Work in the service of mathematics: Len had service roles in many mathematical organizations. His service to the Mathematics Association of America (MAA) was truly exemplary. He was elected treasurer in 1973 and served in this role for thirteen years. In 1987, he was elected president of the MAA, serving for the usual two-year period. He was instrumental in establishing the Dolciani Mathematical Center as the home of the MAA. He was a strong supporter of an enhanced role for women in mathematics, as illustrated by his appointments to the MAA Executive Committee. Overall, he was a tireless advocate for and supporter of this influential association of enthusiasts for mathematics and mathematics education. In 1999, he was presented with the Yueh-Gin Gung and Dr. Charles Y. Hu Award for Distinguished Service to Mathematics.

Word play and excellent expository prose
Under the heading of word play: Len loved to tell about the evening when he and Reba and another couple were sitting over cocktails, and the husband of the other couple turned to Reba and warmly said “You are one of the fondest people…” As he paused in confusion, Reba confidently chimed in, saying I AM OF. Len also liked the word game in which someone gives an answer and you try to figure out what the question was. It’s never what you expect. Here is an example he liked: “The answer is Ford, Chevrolet, and Plymouth.” The question was: “Name two automobiles and a rock.” And when the feminist movement began in earnest, Len remarked “Changes are underway, as sure as my name is Leonard Gillperson.”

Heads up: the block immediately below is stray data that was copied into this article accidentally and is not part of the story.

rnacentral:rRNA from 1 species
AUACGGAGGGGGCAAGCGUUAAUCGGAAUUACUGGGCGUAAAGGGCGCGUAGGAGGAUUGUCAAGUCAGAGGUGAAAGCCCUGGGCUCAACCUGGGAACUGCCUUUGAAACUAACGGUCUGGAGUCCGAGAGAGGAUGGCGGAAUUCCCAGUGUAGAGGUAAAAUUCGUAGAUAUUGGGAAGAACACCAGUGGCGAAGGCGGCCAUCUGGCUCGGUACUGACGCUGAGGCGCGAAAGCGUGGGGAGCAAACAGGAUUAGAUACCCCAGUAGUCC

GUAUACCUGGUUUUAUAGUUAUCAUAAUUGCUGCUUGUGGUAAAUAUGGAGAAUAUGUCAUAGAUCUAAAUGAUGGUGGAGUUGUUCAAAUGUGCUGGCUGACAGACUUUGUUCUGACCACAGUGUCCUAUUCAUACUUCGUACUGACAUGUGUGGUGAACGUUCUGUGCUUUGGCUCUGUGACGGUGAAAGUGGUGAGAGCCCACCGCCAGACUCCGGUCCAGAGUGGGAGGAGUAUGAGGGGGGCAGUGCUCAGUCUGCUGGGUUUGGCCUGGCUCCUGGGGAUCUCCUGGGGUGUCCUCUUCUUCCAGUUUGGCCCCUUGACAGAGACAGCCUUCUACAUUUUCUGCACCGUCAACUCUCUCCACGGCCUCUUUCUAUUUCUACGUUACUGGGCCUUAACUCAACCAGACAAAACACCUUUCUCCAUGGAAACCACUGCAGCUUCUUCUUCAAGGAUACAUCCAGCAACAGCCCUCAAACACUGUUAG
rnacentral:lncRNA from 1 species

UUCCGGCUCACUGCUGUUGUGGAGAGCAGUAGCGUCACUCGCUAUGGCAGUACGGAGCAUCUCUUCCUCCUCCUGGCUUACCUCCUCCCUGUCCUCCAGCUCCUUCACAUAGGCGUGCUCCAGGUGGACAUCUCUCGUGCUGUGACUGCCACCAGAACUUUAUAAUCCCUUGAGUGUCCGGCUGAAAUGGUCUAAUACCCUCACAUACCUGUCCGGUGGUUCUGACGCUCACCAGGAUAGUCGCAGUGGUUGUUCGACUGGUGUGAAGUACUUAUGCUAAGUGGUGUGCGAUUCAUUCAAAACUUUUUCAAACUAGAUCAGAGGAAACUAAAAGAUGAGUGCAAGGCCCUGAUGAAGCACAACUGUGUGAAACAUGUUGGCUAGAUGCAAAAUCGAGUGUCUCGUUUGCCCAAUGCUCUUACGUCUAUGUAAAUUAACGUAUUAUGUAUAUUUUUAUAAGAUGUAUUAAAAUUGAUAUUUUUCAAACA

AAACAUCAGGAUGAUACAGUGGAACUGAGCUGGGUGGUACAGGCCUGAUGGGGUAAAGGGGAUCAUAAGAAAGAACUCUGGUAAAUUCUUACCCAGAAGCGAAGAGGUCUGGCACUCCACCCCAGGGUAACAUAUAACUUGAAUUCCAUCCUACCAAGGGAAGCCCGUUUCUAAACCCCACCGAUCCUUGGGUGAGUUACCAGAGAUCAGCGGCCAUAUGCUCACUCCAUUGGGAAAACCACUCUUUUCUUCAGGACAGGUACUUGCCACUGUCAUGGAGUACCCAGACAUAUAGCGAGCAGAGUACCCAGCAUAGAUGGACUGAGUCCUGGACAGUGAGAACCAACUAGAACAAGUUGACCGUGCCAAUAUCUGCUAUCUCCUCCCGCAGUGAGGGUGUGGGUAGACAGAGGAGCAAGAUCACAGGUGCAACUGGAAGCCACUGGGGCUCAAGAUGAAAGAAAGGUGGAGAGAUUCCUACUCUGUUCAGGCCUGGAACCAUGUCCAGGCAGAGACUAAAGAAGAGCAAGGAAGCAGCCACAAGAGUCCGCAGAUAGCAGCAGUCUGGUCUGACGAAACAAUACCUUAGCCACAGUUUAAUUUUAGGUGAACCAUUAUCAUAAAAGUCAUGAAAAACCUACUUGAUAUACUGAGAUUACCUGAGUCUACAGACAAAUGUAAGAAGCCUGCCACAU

Under the heading of excellent expository prose: (a) Len once submitted an article containing a sentence that began with “But.” The editor changed this to “However.” But Len did not let the matter rest. He replied with a document of some fifteen pages, citing instances of the “But” usage by famous authors and various other sources, along with lengthy and forceful arguments in its defense. The editor could not withstand this onslaught and backed down. (b) Len deplored the use of the phrase “as far as” without the accompanying “is concerned.” He would cringe at a sentence like “As far as asparagus, I’m not too enthusiastic.” Once when he was on the track in the football stadium, he asked a colleague: “Do you think I can run as far as the bleachers, meaning as far as the bleachers are concerned?” (c) It troubled him that the plural noun “criteria” had come to be used in the singular sense, when actually the singular is “criterion.” Although his mental powers were allegedly fading in his later years, he was heard to correct this error on his ninety-first birthday.

Len is survived by his wife Reba, by their children Michal and Jonathan, by three grandchildren, and by two great-granddaughters.



<signed>

William Powers Jr., President
The University of Texas at Austin



<signed>

Sue Alexander Greninger, Secretary
The General Faculty


This memorial resolution was prepared by a special committee consisting of Professors John Dollard (chair), Klaus Bichteler, and James Vick.